No-till farming has long emerged as a viable solution to the dire environmental effects of widespread plowing. While most farmers can easily benefit from the perks of conservative tillage, this practice has its drawbacks, too. So, should you implement a no-till system on your farm? These no-till pros and cons might help you decide!
Pro: You save on labor and fuel costs.
It’s easy to see how no-till farming practices can help you save on fuel and labor costs. Cutting back on plowing directly translates to reduced fuel use on your tractor and lessened need for manpower, ultimately enabling you to redirect these resources elsewhere.
Con: You might have to purchase special equipment.
No-till farming has gained enough traction for many companies to manufacture special no-till equipment, such as this no-till air drill from John Deere. While the cost associated with acquiring such equipment will eventually be covered by the fuel and labor savings mentioned above, it’s still a sizable expense that requires capital or financing.
Pro: Potential for higher yields.
This, of course, just had to be in this list of no-till pros and cons. Since this technique helps keep your soil at a productive state for years and years, you’ll eventually enjoy higher yields than if you just let tillage deteriorate the quality of soil on your farm. Additionally, farmers struggling with low moisture levels will benefit from increased water retention brought by no-till, which also leads to higher crop yields.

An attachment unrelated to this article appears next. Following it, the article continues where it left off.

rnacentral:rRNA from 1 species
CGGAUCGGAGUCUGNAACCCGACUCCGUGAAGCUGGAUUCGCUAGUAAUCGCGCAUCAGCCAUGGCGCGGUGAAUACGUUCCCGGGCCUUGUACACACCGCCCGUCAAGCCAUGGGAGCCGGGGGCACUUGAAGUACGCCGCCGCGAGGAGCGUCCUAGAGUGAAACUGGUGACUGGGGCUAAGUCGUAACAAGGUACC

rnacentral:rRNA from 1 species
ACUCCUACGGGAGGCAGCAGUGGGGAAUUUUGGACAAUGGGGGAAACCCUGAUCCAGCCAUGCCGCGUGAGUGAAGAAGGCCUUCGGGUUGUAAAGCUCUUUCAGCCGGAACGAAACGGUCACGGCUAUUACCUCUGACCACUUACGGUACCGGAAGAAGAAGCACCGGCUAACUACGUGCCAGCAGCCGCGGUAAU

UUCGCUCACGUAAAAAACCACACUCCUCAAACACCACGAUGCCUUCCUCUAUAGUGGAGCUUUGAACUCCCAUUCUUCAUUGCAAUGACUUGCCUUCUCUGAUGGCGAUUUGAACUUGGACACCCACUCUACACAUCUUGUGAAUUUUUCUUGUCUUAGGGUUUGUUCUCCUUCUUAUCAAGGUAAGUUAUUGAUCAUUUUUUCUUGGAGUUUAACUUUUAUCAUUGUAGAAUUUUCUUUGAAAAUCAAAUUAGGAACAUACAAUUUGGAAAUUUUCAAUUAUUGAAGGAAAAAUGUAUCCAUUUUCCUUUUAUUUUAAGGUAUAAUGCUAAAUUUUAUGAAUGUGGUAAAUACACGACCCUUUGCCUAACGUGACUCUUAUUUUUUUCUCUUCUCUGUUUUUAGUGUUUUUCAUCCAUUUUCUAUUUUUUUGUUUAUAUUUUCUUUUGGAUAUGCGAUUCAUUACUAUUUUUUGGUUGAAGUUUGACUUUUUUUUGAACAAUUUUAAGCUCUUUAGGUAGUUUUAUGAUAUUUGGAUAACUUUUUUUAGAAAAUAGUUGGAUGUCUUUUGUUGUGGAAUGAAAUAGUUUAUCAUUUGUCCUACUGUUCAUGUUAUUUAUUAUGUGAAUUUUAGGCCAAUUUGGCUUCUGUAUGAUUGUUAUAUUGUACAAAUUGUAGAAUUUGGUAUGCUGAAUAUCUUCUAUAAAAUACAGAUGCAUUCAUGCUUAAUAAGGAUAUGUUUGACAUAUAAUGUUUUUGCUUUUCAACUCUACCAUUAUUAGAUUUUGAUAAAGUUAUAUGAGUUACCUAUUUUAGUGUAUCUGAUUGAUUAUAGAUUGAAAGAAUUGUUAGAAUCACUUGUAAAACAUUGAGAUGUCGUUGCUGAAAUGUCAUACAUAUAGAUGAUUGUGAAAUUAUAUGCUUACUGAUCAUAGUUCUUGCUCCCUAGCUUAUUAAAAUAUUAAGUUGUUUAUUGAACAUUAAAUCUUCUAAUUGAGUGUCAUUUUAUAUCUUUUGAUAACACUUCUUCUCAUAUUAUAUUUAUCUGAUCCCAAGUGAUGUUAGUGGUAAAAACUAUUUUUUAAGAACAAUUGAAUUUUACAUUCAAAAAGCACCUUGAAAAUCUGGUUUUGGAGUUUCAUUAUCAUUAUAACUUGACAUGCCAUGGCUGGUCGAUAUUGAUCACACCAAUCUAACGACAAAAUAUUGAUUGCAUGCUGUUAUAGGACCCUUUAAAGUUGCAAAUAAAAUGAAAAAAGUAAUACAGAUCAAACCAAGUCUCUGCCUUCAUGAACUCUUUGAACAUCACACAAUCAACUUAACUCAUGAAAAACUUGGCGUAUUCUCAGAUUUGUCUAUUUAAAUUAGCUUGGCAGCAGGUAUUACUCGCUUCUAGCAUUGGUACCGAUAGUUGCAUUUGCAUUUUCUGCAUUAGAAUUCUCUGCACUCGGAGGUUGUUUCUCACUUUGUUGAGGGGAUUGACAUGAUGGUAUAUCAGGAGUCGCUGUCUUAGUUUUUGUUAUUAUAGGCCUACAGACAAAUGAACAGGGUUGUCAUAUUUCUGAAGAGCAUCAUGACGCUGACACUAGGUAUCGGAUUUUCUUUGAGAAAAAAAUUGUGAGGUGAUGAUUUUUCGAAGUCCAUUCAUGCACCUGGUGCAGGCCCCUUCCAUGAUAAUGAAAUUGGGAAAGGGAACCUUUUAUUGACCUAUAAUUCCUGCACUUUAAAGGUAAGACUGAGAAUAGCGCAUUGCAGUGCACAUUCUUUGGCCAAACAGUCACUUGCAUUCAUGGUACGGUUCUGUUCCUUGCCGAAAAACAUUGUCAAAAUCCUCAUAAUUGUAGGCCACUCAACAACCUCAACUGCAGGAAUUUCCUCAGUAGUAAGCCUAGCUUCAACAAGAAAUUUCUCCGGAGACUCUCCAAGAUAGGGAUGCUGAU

Con: You might have to do some trial and error
No-till won’t give you higher crop yields in a snap. It takes a lot of patience and some trial and error to really make the most out of this farming method. That being said, you really have to be prepared. Make sure your mind is 100% set on no-till before pursuing the transition.
Pro: Farmers now have access to more resources
No-till isn’t as uncommon as it used to be, and farmers who are new to the concept have a lot more resources compared to the pioneers who mostly just winged it.
Con: You have to embrace continuous learning
Plowing and tillage have been around for thousands of years, so it’s understandable how tons of state-of-the-art equipment, research, and techniques have been developed and carried out in the name of more efficient and effective tillage.
In comparison, no-till farming is relatively-new. As such, you should expect new developments to emerge every now and then, and you have to be prepared to learn, unlearn, and re-learn techniques and concepts.
Pro: You lessen herbicide runoff.
No-till farming is associated with reduced water runoff, which means herbicides and other chemicals are less likely to contaminate nearby water streams.
Con: You’ll have to use more herbicides.
On the flip side, tillage is known to act as a natural herbicide because the act of plowing kills weeds. No-till, then, means you’ll have to apply more herbicide onto your fields. This is perhaps the biggest obstacle that prevents organic farmers from pursuing no-till practices. So if you’re planning to go into organic farming in the future, take note.
What do you think about no-till farming? Is it something you might be interested to try in the future? We hope these no-till pros and cons helped you make up your mind.